The problem is, not so long from now there will be no more updates in the repository. The bottom line is, support for OpenSUSE is lacking (too short), the quality is low (even SUSE people complain), and there is the deal with Microsoft that gives little or no reason to approach SUSE.

The Non Free Future of Windows

Posted in Antitrust, Apple, Microsoft at 7:06 pm by Guest Editorial Team

App Store Rules Make Microsoft Intentions Clear.

all your hardware are belong to us

Defective by Design

Non free software owners are creating practical mechanisms to exclude competition and exercise the power they have long claimed over users. Microsoft and other non free software companies have always demanded the right to terminate your use of their software at any time for any reason. In time, EULAs added language about being able to search and delete user files too. Recently the Windows 8 logo requirements revealed that the next generation of Microsoft ready x86 and ARM hardware will be unable to run anything but code signed by Microsoft [2]. As noted by Mr. Pogson, Microsoft also tried to bully the entire ARM market to use their boot mechanism but has so far failed because the Microsoft way impractically restricts OEM trade. To further clarify their position, Microsoft recently announced the rules of their App Store:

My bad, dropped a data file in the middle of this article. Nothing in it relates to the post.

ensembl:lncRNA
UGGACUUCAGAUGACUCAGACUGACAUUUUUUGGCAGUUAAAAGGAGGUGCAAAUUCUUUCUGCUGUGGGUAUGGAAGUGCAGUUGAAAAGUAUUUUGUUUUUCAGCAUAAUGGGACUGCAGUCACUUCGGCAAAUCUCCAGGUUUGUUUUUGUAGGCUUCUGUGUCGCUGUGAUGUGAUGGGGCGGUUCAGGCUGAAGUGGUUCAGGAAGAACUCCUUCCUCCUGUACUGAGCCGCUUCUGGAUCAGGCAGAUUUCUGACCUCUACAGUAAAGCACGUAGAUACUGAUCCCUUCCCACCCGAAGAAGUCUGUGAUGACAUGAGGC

We [Microsoft] may change or discontinue certain apps or content offered in the Windows Store at any time, for any reason. … we may refund to you the amount you paid for the license… If the Windows Store, an app, or any content is changed or discontinued, your data could be deleted or you may not be able to retrieve data you have stored. We have no obligation to return data to you.